Military Wiki
Francis Roache
Roache as Commissioner of Police of Boston
Suffolk County Register of Deeds

In office
2002 – December 31, 2015
Member of the Boston City Council

In office
Boston Police Commissioner

In office
March 13, 1985 – June 30, 1993
Personal details
Born (1936-08-03)August 3, 1936
Boston, Massachusetts, U.S.
Died December 17, 2018(2018-12-17) (aged 82)
Spouse(s) Barbara Campers
Children Barbara, Donna, Paula, Michael, and Lori
Alma mater Boston State College
Occupation Policeman and politician
Military service
Service/branch  United States Marines

Francis Michael Roache[1] (August 3, 1936 – December 17, 2018) was an American policeman and politician who served as the Boston Police Commissioner from 1985 to 1993, was a member of the Boston City Council from 1996 to 2002, and was Suffolk County Register of Deeds from 2002 to 2015.

Early life and education

Roache was born in South Boston, and was a 1954 graduate of South Boston High School.[2] He then served in the United States Marine Corps until 1959,[2] and worked for Sears Roebuck in The Fenway neighborhood of Boston for 10 years,[3] while attending Boston State College.[4]


Roache (left) being sworn in as Police Commissioner by Boston Mayor Raymond Flynn in 1985
From left: two policemen, Roache, Raymond Flynn
Roache giving a speech

Law enforcement

Roache joined the Boston Police Department (BPD) in 1968.[5] On February 1, 1985, as a lieutenant who headed the BPD's Community Disorders Unit,[6] Roache was appointed acting Police Commissioner.[7] On March 13, he was sworn in as permanent Commissioner by his lifelong friend, Mayor of Boston Raymond Flynn.[8][9]

During his tenure as Commissioner, Roache instituted mandatory drug testing for BPD employees and won praise for his efforts to root out corruption in the department.[8][10]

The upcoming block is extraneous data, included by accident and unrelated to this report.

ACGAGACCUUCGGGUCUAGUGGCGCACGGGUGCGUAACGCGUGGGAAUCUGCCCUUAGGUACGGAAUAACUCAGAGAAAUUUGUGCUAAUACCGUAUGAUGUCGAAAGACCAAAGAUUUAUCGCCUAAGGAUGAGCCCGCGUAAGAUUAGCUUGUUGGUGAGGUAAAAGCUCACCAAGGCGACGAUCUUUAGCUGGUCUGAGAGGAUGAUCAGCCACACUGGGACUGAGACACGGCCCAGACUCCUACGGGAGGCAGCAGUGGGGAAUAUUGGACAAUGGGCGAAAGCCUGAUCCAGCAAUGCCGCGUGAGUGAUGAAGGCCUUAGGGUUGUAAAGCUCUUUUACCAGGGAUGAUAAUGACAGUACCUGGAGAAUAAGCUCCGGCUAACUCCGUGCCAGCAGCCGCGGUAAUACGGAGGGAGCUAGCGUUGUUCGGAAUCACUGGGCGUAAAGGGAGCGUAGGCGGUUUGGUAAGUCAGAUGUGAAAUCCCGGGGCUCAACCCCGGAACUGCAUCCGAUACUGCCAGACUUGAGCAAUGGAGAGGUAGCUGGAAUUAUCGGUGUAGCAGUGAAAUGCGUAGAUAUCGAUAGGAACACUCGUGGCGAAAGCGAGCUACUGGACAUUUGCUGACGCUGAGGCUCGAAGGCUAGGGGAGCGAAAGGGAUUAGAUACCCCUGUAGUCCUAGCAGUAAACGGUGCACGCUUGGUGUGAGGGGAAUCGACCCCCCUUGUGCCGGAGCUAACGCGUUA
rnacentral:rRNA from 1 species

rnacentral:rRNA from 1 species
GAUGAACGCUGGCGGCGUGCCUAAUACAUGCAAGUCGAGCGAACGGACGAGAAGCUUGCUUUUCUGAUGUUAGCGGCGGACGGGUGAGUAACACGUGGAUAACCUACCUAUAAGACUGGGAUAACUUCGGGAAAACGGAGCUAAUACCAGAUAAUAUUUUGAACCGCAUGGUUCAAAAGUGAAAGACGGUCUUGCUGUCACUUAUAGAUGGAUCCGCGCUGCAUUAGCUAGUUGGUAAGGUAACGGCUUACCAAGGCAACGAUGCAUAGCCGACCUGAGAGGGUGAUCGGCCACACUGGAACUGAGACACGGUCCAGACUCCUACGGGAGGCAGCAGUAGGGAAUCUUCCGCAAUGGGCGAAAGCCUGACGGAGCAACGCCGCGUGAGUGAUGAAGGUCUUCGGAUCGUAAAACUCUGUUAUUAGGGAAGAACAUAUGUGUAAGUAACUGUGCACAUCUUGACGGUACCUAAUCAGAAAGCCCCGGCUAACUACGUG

Roache was Commissioner during the Charles Stuart case.[11] The police's mishandling of the case caused African-American leaders to call for Roache's resignation.[12] In December 1990, the Massachusetts Attorney General's office released a report which detailed a variety of civil rights violations committed by the BPD. Violations described in the report included random frisking of minority youth and coercing witnesses to testify in the Stuart case.[13]

After several shootings of unarmed victims by police, alleged mismanagement in the Internal Affairs Department, and a report issued by United States Attorney Wayne Budd detailing allegations of police misconduct, Mayor Flynn was pressured to fire Roache.[14][15] Flynn refused to fire Roache, which caused critics of the police department to claim that Roache's friendship with the Mayor was the reason he was still Commissioner. During the 1991 mayoral election, candidate Edward J. Doherty promised that if elected, he would fire Roache.[16] Flynn appointed a commission led by Boston attorney James D. St. Clair to investigate the BPD. The commission recommended that Flynn fire Roache.[17] On June 24, 1993, Roache announced his resignation, effective June 30.[18]


After his resignation, Roache became a candidate for Mayor of Boston in the 1993 election to succeed Ray Flynn, who had resigned to become United States Ambassador to the Holy See. Roache finished in seventh place in the preliminary election with 3.01% of the vote.[19]

Roache was elected to the Boston City Council in November 1995 as an at-large councilor.[20] He was reelected in 1997, 1999, and 2001. In 2002, he left the City Council to become Suffolk County Registrar of Deeds, a position he held until his resignation on December 31, 2015.[8][21]